News Release
FOR IMMEDIATE RELEASE
Date: April 09, 2012
Contact: Lisa A. Webb Johnson
Number: 713-693-3000

Dublin, Texas Man Given Federal Prison Sentence for
Marijuana Distribution

--Hauling More Than Two Tons of Marijuana--

April 9 (Laredo, TX) – Robert Lee Cloyd, 40, has been sentenced to 70 months in federal prison for possession with intent to distribute more than 2000 kilograms of marijuana, DEA Special Agent in Charge Javier F. Peña and United States Attorney Kenneth Magidson and announced today. Cloyd previously pleaded guilty Jan. 26, 2012.

On the morning of Sept. 2, 2011, Cloyd approached the U.S. Border Patrol (BP) checkpoint, located on FM 1017, in Jim Hogg County driving a white Mack truck hauling a black trailer. During an immigration inspection, a BP canine alerted to the presence of concealed persons or narcotics. Cloyd could not provide a bill of lading or receipt for the commodity he was hauling, corn silage or animal feed, which is generally required to haul farm produce or products for a third-party on Texas highways. Cloyd also did not know the weight of his load.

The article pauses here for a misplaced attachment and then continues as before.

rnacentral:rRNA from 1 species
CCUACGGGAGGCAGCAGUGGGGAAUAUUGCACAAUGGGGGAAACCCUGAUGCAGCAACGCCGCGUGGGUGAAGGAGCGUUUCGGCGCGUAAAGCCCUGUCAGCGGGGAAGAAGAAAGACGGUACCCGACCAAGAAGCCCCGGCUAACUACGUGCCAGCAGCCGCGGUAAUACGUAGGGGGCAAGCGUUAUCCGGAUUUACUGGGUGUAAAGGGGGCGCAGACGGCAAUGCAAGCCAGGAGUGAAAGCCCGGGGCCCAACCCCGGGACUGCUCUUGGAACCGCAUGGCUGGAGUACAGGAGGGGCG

BP agents rolled back the top of the trailer and removed some of the silage, at which time they discovered 98 bundles of marijuana weighing 2,407.5 kilograms.

DEA agents also obtained a search warrant for Cloyd’s iPhone. The night before Cloyd’s arrest, he texted, “. . . the big bosses wanna meet with me . . . I kno they r gonna ask me to bring something else back.” The next day, before he reached the checkpoint on 1017, Cloyd texted, “ok sorry I’m 40 miles from the check[point] and my stomach is turning.” He was subsequently stopped and arrested.

Today, U.S. District Judge Keith P. Ellison sentenced Cloyd to the 70-month prison term, which will be followed by a four-year-term of supervised release. Cloyd was allowed to remain on bond and voluntarily surrender to a U.S. Bureau of Prisons facility to be determined in the near future.

The case was investigated by the DEA and BP. Assistant United States Attorneys Elizabeth R. Rabe and James Bruce Hepburn prosecuted the case.

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